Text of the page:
McMaster students win awards for empowering Black students and community
The winners of the Reverend John C. Holland Awards are recognized for their achievements and contributions to the Hamilton community
On Feb. 18, the Hamilton Black History Council hosted its 27th annual Reverend John C. Holland Awards ceremony to celebrate Black youth and adult achievements in Hamilton.
As stated on their website, the HBHC is a non-profit organization that aims to promote and celebrate the history of people of African descent in Hamilton. The organization hosts events and programs with the aims of elevating the Black community through awards, showcasing Black history and responding to the needs of the youth and families in the community.
The Reverend John C. Holland Awards, named after a minister that became the first African Canadian to be named “Citizen of the Year” in Canada, celebrate excellence in Hamilton’s Black community.
Among the 23 scholarship and bursary winners, McMaster University students Omowonuola Adelusi and Keionna Cousins won the Audre Lorde LGBTQ+ scholarship and general achievement bursary, respectively.
Adelusi, a first-year student in the Integrated Business and Humanities program, co-founded the DeGroote Black in Business organization within the DeGroote Commerce Society. With a focus on empowering Black commerce students, the club aims to develop Black students’ business skills, increase Black student representation in the DCS and at DeGroote and McMaster and share the experiences of Black students to promote equity, diversity, and inclusion practices for the rest of McMaster.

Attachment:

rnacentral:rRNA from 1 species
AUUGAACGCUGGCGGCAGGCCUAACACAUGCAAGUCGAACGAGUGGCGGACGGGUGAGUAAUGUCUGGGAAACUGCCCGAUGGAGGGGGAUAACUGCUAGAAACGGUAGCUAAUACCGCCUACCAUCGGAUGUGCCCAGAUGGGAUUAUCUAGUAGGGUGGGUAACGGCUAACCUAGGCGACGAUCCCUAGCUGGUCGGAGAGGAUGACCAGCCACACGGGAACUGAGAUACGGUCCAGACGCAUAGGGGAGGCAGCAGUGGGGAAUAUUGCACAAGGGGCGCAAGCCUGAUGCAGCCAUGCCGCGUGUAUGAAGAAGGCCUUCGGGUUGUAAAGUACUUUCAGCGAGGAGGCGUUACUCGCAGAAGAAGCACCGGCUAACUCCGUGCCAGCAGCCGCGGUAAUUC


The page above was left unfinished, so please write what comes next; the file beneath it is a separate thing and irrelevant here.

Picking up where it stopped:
Adelusi hopes to reduce barriers faced by women and racialized communities, along with empowering Black, queer voices in STEM.
Cousins, a first-year Business student, volunteers with the Help a Girl Out Organization, which provides free access to reusable and disposable period products, and hosting educational workshops and anti-period stigma campaigns. Additionally, Cousins is an EDI director of external relations in the DeGroote Commerce Society and participates in the Black Students Alliance.
The awards event highlighted the outstanding contributions of Black students and adults to the community and highlights HBHC’s mission to promote and celebrate the history of people of African descent in Hamilton. Through events like this, the Hamilton Black History Council continues to uplift and elevate the Black community in Hamilton.